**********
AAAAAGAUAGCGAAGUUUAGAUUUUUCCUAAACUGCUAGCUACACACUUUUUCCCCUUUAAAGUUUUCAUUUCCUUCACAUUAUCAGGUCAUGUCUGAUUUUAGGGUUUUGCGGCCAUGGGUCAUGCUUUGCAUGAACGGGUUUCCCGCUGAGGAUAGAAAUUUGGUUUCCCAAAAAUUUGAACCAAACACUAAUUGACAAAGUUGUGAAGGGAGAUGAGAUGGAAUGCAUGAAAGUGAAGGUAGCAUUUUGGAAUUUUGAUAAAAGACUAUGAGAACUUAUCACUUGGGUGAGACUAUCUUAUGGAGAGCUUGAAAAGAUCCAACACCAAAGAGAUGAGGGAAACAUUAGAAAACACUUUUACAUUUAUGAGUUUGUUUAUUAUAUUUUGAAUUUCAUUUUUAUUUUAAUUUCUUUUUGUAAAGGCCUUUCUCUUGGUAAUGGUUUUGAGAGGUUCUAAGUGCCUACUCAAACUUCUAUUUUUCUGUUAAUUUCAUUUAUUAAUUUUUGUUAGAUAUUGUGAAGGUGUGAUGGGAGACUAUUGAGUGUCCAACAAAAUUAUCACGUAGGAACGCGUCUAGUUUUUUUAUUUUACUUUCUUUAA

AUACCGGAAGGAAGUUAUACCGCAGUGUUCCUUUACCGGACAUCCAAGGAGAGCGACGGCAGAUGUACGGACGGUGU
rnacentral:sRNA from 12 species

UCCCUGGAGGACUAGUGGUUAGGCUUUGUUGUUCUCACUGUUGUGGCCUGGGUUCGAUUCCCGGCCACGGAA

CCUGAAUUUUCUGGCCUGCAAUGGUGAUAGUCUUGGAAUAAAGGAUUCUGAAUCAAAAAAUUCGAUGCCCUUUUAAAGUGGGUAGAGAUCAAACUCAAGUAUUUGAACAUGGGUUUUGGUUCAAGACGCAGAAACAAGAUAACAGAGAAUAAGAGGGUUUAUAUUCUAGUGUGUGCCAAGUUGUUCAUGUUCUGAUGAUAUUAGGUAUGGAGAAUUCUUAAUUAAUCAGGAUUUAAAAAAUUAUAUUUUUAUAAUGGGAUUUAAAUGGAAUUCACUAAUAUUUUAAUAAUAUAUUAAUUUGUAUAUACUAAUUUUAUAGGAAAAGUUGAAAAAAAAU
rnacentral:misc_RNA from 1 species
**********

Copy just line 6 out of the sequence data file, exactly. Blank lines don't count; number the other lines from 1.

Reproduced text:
rnacentral:misc_RNA from 1 species